With Ricardo and a cluster of Universities, the company is now currently working on sub-system optimisation and a fully characterized demonstration engine is scheduled to go into testing during mid 2013 to provide the ground-work for field trials.

The engine uses traditional reciprocating engine processes which are highly mature industries and well-understood. The Dearman Engine will therefore be fast to market with lower investment requirement than other clean technologies.


The engine has been the subject of a 4 year PhD at Queen Mary University of London as well as independent analysis at University of Leeds.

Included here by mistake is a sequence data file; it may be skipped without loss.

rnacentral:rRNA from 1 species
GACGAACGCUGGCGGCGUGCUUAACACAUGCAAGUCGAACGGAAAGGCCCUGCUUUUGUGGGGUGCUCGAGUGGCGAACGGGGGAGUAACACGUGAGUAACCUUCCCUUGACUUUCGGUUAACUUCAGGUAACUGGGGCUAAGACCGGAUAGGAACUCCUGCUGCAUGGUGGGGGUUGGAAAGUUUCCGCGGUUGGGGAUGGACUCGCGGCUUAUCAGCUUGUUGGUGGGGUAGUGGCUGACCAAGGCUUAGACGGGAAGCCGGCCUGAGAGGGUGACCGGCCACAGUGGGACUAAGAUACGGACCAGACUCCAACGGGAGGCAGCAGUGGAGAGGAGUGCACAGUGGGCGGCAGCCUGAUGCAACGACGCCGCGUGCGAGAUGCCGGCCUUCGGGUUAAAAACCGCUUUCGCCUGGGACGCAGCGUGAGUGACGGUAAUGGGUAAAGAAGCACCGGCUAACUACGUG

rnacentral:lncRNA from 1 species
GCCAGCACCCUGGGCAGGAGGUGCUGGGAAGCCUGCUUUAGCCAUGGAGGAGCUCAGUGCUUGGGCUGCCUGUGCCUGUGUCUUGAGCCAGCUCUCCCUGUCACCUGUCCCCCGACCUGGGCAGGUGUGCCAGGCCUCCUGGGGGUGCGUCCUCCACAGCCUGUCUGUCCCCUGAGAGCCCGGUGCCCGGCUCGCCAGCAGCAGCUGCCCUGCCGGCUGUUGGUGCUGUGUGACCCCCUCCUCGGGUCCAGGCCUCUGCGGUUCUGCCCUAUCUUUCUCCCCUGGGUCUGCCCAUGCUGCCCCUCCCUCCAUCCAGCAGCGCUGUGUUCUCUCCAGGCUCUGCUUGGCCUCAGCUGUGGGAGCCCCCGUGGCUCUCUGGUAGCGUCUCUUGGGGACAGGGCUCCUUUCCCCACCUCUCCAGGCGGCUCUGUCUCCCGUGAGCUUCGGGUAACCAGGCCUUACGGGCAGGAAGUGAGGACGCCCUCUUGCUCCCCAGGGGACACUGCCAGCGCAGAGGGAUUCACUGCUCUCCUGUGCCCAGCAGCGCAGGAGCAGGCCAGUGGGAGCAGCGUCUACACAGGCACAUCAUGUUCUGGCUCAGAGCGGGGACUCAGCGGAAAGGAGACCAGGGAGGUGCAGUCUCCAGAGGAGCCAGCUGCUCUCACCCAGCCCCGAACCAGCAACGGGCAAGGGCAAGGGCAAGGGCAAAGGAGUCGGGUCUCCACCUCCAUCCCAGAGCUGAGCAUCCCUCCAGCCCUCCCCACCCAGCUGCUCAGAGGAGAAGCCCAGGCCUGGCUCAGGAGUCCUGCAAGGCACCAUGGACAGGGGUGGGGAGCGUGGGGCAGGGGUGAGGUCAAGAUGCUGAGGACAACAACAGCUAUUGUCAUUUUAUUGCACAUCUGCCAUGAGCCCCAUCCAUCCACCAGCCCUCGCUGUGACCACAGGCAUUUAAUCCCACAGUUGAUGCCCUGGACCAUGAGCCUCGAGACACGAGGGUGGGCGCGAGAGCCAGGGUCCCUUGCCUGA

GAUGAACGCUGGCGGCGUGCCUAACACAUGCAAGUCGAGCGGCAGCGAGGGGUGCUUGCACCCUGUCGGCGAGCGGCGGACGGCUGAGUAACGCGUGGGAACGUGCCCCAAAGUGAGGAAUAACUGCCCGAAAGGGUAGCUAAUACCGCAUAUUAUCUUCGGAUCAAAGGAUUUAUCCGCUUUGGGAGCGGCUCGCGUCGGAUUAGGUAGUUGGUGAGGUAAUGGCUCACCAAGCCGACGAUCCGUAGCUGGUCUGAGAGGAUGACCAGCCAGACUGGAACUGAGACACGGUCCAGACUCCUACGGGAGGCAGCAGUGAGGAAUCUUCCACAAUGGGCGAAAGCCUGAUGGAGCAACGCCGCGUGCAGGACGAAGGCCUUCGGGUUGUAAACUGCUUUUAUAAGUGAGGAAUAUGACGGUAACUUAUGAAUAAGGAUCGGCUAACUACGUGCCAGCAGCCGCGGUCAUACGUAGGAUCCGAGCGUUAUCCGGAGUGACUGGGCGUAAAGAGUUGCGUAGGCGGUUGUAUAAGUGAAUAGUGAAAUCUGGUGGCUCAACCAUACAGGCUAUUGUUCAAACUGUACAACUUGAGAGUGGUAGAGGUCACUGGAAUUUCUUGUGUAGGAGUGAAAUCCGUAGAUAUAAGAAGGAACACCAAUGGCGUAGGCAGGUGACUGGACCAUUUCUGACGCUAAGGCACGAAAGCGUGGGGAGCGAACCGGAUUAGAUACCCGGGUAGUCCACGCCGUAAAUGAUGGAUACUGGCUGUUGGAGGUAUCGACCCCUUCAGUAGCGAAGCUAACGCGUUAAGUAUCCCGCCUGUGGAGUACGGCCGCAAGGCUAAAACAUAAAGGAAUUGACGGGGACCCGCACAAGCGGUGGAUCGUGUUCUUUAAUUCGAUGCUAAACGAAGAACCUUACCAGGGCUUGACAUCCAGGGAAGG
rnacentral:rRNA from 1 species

A proof-of-concept model has been lab tested proving to be more efficient than any previously built design for a liquid air engine, while the inventor has driven a car with an early prototype liquid air engine at more than 30mph with only cold air from the exhaust.

Most recently, a rigorous independent technology review and engine feasibility study and broad evaluation of the market potential was undertaken by Ricardo, a highly respected global engineering consultancy.

The engineering team from Ricardo concluded that “the technology is likely to compete with hydrogen fuel cell and battery electric systems in zero emission applications.” They have also confirmed that they have not identified any technical showstoppers to a commercial engine.